I will also program the audios and music to work with the sensors or the push of a button. They would play at certain times of the day like when they are eating or if the person has been sitting about for a while, to lighten up the mood as they could be sitting lamenting or in a daze. I was thinking of having a personalised casing that is memorable to the person that would also strike a memory. Maybe I will also program it to play an audio reminding the person to take their tablets, at certain times of the day, but this would be personalised to each user, as people take tablets at different times such as morning or evening, or none at all.

Thanks again for the responses
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我的妻子从她两年初步诊断Alzheimers disease. She has had two MRIs, first as part of the initial diagnosis, then recently to see if she qualifies for the new (and highly over-rated, in my opinion) drug aduhelm. Her memory scores have been 26 and 25, so she remains relatively stable. Our primary care (I'm now getting to the response) recommended "The End of Alzheimers", written by Dr. Beseden, a neurologist from UCSF medical school, undergraduate studies at CalTech. He recommends a process called the "ReCODE Protocol", which strives (by individual) to determine what the cause of excess amyloid plaque buildup is for each individual (includes diet and lifestyle changes). I signed up my wife for a year, cost is roughly 3000 (less than the cost of aduhelm treatment for 1 month or one month in a memory care facility), which includes monthly assessments with an ReCODE practitioner and neurologist (the latter covered by Medicare). Limited clinical trials (difficult to do because the process varies with each person) have shown reversal of cognitive decline in the early stages of alzheimers.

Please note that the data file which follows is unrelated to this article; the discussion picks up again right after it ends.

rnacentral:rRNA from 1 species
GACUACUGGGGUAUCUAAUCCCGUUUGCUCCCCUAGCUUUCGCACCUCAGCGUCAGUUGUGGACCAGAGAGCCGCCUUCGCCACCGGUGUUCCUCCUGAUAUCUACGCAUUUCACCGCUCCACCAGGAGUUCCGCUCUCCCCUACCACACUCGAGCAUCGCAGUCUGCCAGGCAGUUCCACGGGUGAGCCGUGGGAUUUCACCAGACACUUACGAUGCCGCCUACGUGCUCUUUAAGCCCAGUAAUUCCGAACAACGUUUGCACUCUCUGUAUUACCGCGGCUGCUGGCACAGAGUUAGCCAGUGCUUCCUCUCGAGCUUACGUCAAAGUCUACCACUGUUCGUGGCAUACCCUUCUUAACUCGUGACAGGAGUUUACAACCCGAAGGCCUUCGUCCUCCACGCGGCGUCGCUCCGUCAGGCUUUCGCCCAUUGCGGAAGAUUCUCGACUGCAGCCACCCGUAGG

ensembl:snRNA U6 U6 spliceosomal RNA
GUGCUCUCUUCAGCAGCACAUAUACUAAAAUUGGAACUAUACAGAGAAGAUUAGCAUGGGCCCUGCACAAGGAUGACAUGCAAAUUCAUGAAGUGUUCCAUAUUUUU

I would suggest the student get a copy of Dr. Breseden's book as a starting point for his project. Dr. Breseden has given a TED talk on the subject and appeared on Dr. Oz. I'm not trying to sell anything, just reporting that the information I have read gives me hope that my wife can stay in her current state, maybe even get better. I'll know more in a year from now, can generate another post.
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Yes, Loss can bring on depression and depression can bring on dementia Grief groups should be encouraged and, if caring for someone, caregiver support groups. They keep an elder actively engaged. Other wise, there is not much that can be done to prevent dementia other than the MIND diet and 30 minutes daily aerobic exercise. Keep up with medical appointments and vaccinations.
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Sjplegacy, I recall reading an article addressing the effect of sugars on development of dementia. Most of the articles I read are indexed in a database; I'll see if I can find it. I do recall drastically curtailing my sugar intake after reading that.

I think though that causes are still under investigation and subject to research, just as other illnesses, plagues and other medical conditions have been.

There's another issue with research and investigation; we only read what's printed in (and sometimes translated to) English. Unless someone comprehends and reads research in other languages, there may be research taking place of which we're completely unaware.
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sp19690: There are no meds that cause dementia.
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Why don't you research medications that cause dementia.